Revisiting Mentoring

by Rik Nemanick, Ph.D.

When I started this newsletter almost six years ago, much of the focus was on helping individuals and organizations get the most out of mentoring relationships. Most of the articles in the newsletter at that time were tips for mentors and protégés on how to approach mentoring to build such partnerships for both their own benefit and the benefit of the organization. Although we have broadened the scope of our newsletter over the last few years to focus on leadership more broadly, I thought it was a good time to review some of those tips and summarize them here (back issues can still be found on our website for the original articles).

  • Be intentional about mentoring. Whether you are seeking your own mentor or helping someone else find one, you should always think about why mentoring is the right solution. What do you hope to learn from a mentor? Will you be able to devote the time to make mentoring work? What do you believe a mentor will help you achieve that you cannot achieve on your own?
  • Focus on your goals. Mentoring is most effective if you can articulate your longer term career goals. Your goals give a mentor insight into what drives you as well as a direction in which to start. Even if your goals change over the course of mentoring, starting with them will give you and your mentor a good start.
  • Seek out multiple mentors. If you are seeking out a mentor on your own (instead of having one assigned as part of a formal mentoring program), you should look for more than one person to approach for mentoring. Not everyone will be interested or available to be a mentor at this time. Be ready to talk to several people about mentoring. Also, most successful leaders can point to more than one mentor over the course of their careers.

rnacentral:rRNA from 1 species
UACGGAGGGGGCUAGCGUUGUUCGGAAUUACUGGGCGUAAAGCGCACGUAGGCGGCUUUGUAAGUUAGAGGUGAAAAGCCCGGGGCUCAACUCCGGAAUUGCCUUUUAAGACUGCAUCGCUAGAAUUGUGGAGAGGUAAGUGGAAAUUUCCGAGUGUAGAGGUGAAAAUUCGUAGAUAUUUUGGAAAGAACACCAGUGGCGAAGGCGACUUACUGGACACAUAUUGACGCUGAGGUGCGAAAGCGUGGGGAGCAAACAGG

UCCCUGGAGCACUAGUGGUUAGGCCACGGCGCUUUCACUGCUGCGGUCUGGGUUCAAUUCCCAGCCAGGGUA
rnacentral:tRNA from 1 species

• Add a little structure. After you find someone who seems like a good mentor, ask if you could meet on a somewhat regular basis to check in and get advice. This small ask will help your potential mentor see his or her role as a mentor more clearly and give you permission to get in touch more frequently. Setting an expected meeting schedule will help you start to build the mentoring relationship.
  • Drive the partnership. Successful mentoring depends on the degree to which the protégé drives the relationship. Don’t wait for your mentor to call you. Keep in regular touch with your mentor (try to meet at least bimonthly outside a formal program, monthly as part of a mentoring program) in order to build momentum. When you meet with your mentor, think about what you want to discuss in advance. Also, close the loop on action items you discussed during the last meeting.
  • Give and seek feedback. Make sure you give your mentor feedback periodically on what you have gotten out of the partnership. While you know what you have learned, how you have been affected, your mentor is often in the dark as to how the relationship has helped. Often some of a mentor’s motivation comes from seeing someone grow and learn. Your feedback lets a mentor know if she or he is actually helping. Also, seek feedback regularly on how you are doing relative to your goals.

Most of these tips are covered in more depth in back issues of our newsletter which can be found on the website.

By Published On: September 30, 2009Categories: Articles, Mentoring

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